The Tech We Can’t Live Without: The Review Geek Staff’s Favorite Gadgets

A collage of our favorite tech products

Testing different gadgets is part of the job for us here at Review Geek, but have you ever wondered what our favorites are? The things we choose to use on the daily and can’t (or at least don’t want to) live without?

Here’s a little spoiler: Some of the picks here might surprise you. Of course, we all love our laptops, phones, and TVs, but those are basically a given. Instead of hitting you with a couple thousand words on why our laptops are cool (boring!), here’s a look at some of the stuff you might not expect—from bread makers to smart blinds, this is tech that is truly transformational for many of us.

Josh Hendrickson, News Lead: Breville Espresso Maker, Breville Smart Toaster, IKEA FYRTUR Smart Blinds

As Review Geek’s resident smart home guy, you shouldn’t be surprised to see that the stuff I can’t live without enhances my home and quality of life. But while I could tell you about my smart lights, video doorbell, or motion sensors, the things I’ll focus on directly impact my work-from-home life.

So, what’s the tech I can’t live without? A cappuccino maker, a toaster, and some blinds. Now I know what you’re thinking, “that’s not tech stuff.” But hear me out, cause yes, it is, and there are good reasons I put them in the list.

An Espresso Maker with a Touchscreen

A Breville Espresso machine with a touchscreen and bean hopper.
Breville

I work from home, and like most people, I have a morning routine. At the very top of that list, right behind get dressed and get the child ready for school, is caffeine. I’m an adult, and that means I need a good cup of java to get the day going. My wife works from home, too, and agrees.

I’ve had espresso makers in the past, but they were all fussy and difficult to use. More effort than they were worth when the regular ol’ coffee maker just needs a few button pushes. My wife never bothered to learn how to use the last espresso maker.

But the Breville Barista Touch Espresso Maker solves all of that. Thanks to a touchscreen, you don’t need to know all the ins and outs of espresso pulling and milk frothing. Just choose what you want (cappuccino, latte, flat white, and more), and it’ll do all the work for you. The machine even grinds the beans for every shot. All you have to do is press buttons and stand back.

The Barista Touch is still a little fussy, you need to tamp down the grinds just right, but it’s a lot easier than any other espresso machine. It’s so easy to master, my wife will actually use it. It’s expensive, but the excellent latte I enjoy every morning is worth the cost. I don’t even need to go to Starbucks.

An Easy Espresso Machine

Breville Maker Barista Touch Espresso Machine, Stainless Steel, 12.7 x 15.5 x 16 inches

Using an espresso machine is hard. Unless you spend extra and get one that does all the work for you. Just select the kind of drink you want, put the milk jug in place, and push each button in sequence.

Just a Bit More Toast

A Breville Two-slice toaster
Breville

Speaking of Breville, right after coffee, I need breakfast, and nothing beats the Breville 2-Slice Smart Toaster. Tell me this doesn’t sound familiar? You drop some bread in the toaster, come back and check, and it’s not done. You drop it again, still not done. Drop a third time, and now it’s burnt. Frustrating right?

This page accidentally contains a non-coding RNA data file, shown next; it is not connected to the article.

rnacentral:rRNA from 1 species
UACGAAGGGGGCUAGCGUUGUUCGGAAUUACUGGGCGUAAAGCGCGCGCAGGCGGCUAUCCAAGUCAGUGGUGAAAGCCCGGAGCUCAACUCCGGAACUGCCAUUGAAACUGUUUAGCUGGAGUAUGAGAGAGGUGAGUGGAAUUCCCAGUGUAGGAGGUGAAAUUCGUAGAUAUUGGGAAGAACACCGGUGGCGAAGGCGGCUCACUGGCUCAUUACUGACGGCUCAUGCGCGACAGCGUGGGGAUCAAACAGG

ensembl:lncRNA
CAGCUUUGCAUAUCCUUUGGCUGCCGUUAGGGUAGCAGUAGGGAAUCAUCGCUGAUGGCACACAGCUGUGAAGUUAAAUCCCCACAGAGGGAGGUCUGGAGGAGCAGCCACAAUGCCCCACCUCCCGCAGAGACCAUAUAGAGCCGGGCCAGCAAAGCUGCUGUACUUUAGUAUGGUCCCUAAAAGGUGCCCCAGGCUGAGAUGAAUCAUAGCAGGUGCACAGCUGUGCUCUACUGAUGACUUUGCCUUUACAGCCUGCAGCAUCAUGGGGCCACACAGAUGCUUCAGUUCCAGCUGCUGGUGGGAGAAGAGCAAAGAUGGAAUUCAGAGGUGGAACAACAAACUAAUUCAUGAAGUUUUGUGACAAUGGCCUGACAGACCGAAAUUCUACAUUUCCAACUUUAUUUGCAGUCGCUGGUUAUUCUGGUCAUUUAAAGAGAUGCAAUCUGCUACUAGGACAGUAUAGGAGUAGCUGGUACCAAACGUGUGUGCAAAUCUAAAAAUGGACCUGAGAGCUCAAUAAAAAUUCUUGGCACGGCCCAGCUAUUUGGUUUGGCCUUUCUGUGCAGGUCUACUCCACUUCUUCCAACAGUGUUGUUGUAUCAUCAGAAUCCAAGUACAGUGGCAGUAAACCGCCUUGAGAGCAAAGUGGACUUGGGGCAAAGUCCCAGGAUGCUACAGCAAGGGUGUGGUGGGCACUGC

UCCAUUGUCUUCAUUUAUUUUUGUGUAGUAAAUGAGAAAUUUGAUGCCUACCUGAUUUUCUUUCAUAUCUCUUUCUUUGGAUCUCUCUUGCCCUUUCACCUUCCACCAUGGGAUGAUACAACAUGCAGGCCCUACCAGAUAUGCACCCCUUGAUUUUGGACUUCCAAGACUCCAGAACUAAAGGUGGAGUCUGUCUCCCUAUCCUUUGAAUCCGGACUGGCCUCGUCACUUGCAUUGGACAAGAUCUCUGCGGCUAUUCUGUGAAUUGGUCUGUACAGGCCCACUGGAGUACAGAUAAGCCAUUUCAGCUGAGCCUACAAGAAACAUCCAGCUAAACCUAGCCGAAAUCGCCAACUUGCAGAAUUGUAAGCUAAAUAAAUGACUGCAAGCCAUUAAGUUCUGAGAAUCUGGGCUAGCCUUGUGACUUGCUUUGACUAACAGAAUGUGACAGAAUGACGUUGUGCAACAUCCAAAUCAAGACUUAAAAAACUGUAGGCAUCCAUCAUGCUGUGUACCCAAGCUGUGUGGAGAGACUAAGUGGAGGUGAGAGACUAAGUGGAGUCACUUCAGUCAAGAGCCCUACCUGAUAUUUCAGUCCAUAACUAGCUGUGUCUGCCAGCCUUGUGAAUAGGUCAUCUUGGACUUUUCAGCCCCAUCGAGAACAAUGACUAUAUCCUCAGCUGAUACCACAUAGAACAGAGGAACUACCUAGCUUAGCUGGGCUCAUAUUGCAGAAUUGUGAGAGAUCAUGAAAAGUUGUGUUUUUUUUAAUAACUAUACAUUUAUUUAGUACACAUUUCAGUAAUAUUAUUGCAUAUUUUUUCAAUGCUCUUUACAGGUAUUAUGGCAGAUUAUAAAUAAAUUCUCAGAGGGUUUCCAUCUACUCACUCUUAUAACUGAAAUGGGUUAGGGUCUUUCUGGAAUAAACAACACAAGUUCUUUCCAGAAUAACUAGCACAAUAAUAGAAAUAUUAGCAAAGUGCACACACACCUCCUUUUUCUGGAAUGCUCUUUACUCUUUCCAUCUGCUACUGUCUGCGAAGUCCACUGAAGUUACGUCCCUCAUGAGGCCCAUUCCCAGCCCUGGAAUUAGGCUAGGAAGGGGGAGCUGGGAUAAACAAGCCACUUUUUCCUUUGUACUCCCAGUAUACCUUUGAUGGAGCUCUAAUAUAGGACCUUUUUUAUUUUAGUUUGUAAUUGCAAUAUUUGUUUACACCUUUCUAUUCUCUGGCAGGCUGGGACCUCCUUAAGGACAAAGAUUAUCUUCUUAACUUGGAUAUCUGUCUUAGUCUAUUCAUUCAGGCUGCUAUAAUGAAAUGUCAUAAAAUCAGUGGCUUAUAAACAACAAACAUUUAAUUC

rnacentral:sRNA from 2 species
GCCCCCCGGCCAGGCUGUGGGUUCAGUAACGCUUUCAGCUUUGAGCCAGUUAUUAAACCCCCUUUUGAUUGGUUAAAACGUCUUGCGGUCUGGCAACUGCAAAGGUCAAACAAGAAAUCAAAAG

Breville’s toaster has a motorized lift system. Set the level of “doneness” you like and hit toast. The bread lowers, toasts, and lifts when it finishes. If you want it toasted more, you can hit the “a bit more” button. That’ll lower the bread and toast it up for less time than the first round. Do you have a bagel? Hit the bagel button, and the outer elements won’t heat up, toasting just the inside of the bagel. If you’re worried your toast will burn, hit the lift and look button; the toaster will lift your bread long enough to give it a look, then drop it back down. And the frozen button is perfect for waffles and the like. 

The Breville toaster does an excellent job of evenly heating your bread or bagel, and you’ll never worry about burnt toast again. It really is a “smart toaster” because it anticipates everything you could want. And my favorite little feature is the plug—it has a finger loop right at the prongs so you can unplug the toaster easily. Occasionally some models will have a button labeled crumpet instead of bagel, but mine came with the Americanized word.

Breville 2-Slice Smart Toaster

Breville BTA820XL Die-Cast 2-Slice Smart Toaster, Brushed Stainless Steel

This is the toaster that anticipates your needs. It has buttons to toast your bread and a bit more, and to peak at how things are going. And it has buttons for frozen stuff and bagels.

Blinds That Keep Me from Going Blind

A set of IKEA Fyrtur smart blinds.
IKEA

When you work from home, you often have to make do with whatever space you can spare for an office. I use our third bedroom, and the one window in the room practically points directly at the sun in the morning. If I don’t draw the curtains, the glare off my monitors will blind me. Double that for every Zoom and Google Meet call I have to get on.

Automated blinds are the solution, but most are far too rich for my blood. So, I went with IKEA’s FYRTUR blinds. Don’t get me wrong; they’re still expensive, with a starting price of $130. But compare that to Lutron’s Serena Shades that start at $500 and can easily cost over $1,000 per window, and you can see why I went with Ikea.

I have my blinds set to open partially every morning and close at 5 PM every day. I keep a remote nearby to close the blinds during meetings, and of course, I can control them with voice commands. That last bit is helpful if I need some privacy or I want to be sure I closed them before leaving my bedroom. We’ve added a set to my wife’s office now as well, for all the same reasons. Finally, I can see my monitor without the sun scorching my eyes.